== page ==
According to a report today from the Government Accountability Office (GAO), top government agencies responsible for developing a nationwide federal wireless communications service for use by first responders are no longer coordinating with each other. The report, requested by Senate Homeland Security and Governmental Affairs Committee Chairman Joe Lieberman and Ranking Member Susan Collins, found the Department of Homeland Security (DHS), the Department of Justice (DOJ) and the Treasury Department are now working on individual interoperability projects rather than implementing the Integrated Wireless Network (IWN) program.
For years, departments and agencies across the federal government had developed radio communications systems to suit their particular communications needs. However, this often led to first responders from different federal agencies not being able to communicate with one another when responding to the same event. The IWN program was intended to solve this problem by developing a single nationwide federal wireless communications service to replace each of these individual systems, so that law enforcement officials and first responders from across the federal government could effectively communicate during an emergency. According to the GAO report, DOJ and DHS are now working independently on projects; running the risk of duplicating their efforts, increasing the use of resources, and ending up with a system that lacks interoperability.
Senator Collins said, “The communications failures during the terrorist attacks and Hurricane Katrina cost lives. Yet, despite these hard lessons and the millions already spent on the IWN program, the lead federal departments have failed miserably in achieving interoperability across the federal government. GAO’s report should serve as a wake-up call. Congress and the next Administration will have to redouble efforts to ensure nationwide interoperability for all first responders.”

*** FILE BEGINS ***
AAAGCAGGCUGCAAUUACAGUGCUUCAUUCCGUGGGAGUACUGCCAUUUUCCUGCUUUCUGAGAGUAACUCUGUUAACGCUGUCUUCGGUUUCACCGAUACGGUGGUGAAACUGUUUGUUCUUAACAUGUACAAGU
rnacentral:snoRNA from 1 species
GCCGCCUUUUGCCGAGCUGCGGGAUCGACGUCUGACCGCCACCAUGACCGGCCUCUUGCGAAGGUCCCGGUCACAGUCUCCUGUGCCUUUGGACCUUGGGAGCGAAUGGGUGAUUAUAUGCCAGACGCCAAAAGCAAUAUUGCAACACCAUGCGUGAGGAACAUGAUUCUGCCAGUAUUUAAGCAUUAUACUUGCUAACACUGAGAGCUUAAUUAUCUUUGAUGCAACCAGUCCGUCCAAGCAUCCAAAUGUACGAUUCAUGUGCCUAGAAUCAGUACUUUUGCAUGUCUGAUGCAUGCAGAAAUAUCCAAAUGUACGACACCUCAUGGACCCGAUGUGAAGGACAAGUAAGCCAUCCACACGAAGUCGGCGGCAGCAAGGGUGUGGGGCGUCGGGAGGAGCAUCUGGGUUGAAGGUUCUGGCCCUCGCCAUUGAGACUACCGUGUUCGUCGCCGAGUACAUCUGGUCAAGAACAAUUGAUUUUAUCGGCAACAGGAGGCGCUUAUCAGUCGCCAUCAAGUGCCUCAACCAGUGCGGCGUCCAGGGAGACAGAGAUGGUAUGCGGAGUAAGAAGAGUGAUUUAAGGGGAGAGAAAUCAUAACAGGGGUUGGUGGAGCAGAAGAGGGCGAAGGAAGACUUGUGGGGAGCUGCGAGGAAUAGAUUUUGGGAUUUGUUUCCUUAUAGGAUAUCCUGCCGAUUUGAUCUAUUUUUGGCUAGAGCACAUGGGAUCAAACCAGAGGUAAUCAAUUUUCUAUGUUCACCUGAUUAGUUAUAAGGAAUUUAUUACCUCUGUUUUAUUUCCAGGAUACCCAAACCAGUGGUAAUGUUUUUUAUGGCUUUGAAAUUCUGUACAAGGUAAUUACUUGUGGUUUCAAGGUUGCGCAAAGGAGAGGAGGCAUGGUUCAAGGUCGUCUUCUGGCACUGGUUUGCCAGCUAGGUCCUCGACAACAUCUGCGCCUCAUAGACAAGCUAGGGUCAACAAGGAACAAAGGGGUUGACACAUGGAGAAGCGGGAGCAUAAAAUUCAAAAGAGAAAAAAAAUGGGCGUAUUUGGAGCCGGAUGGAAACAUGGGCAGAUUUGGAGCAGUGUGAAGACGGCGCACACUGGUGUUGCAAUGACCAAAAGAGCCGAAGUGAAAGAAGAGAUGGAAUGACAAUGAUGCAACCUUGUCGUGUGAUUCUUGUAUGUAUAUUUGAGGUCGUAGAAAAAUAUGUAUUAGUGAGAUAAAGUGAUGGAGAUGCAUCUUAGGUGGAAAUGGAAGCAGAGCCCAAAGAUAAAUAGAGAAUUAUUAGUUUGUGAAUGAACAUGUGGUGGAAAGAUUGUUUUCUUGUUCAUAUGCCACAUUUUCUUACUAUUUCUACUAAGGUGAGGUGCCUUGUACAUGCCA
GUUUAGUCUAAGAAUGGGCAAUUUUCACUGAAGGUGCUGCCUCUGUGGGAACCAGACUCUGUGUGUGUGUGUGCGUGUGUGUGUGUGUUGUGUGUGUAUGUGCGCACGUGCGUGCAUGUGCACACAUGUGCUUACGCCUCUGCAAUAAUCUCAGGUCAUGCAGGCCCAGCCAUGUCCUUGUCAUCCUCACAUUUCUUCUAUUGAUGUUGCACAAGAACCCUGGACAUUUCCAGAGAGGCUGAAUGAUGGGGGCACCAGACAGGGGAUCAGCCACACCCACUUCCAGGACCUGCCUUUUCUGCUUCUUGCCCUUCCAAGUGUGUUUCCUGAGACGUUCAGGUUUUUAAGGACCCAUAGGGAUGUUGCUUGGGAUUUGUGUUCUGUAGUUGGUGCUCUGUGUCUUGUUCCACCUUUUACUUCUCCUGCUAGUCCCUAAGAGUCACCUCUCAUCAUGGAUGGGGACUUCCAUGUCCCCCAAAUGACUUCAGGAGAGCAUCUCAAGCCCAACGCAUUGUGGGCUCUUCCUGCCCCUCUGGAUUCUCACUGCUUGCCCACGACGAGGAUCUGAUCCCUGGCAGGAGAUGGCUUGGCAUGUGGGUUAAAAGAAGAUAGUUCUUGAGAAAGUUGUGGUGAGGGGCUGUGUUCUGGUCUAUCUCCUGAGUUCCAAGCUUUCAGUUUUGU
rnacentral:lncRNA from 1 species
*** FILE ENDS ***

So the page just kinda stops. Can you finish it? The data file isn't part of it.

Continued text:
Senators Lieberman and Collins have worked together to improve communications interoperability at all levels of government. The Senators created the Interoperable Emergency Communications Grant Program, which has provided millions of dollars in grants to increase the ability of state, local, and tribal governments to communication effectively during a catastrophic disaster or terrorist attack. The grants can be used for initiatives that are consistent with Statewide Communications Interoperability Plans and the National Emergency Communications Plan.
Furthermore, in the Post-Katrina Emergency Management Reform Act, Senators Lieberman and Collins established an Office of Emergency Communications within the Department of Homeland Security to consolidate and coordinate emergency communications and interoperability policy. Under the Act, that office has been tasked with conducting an assessment of nationwide emergency communications capabilities and developing a national strategy for emergency communications.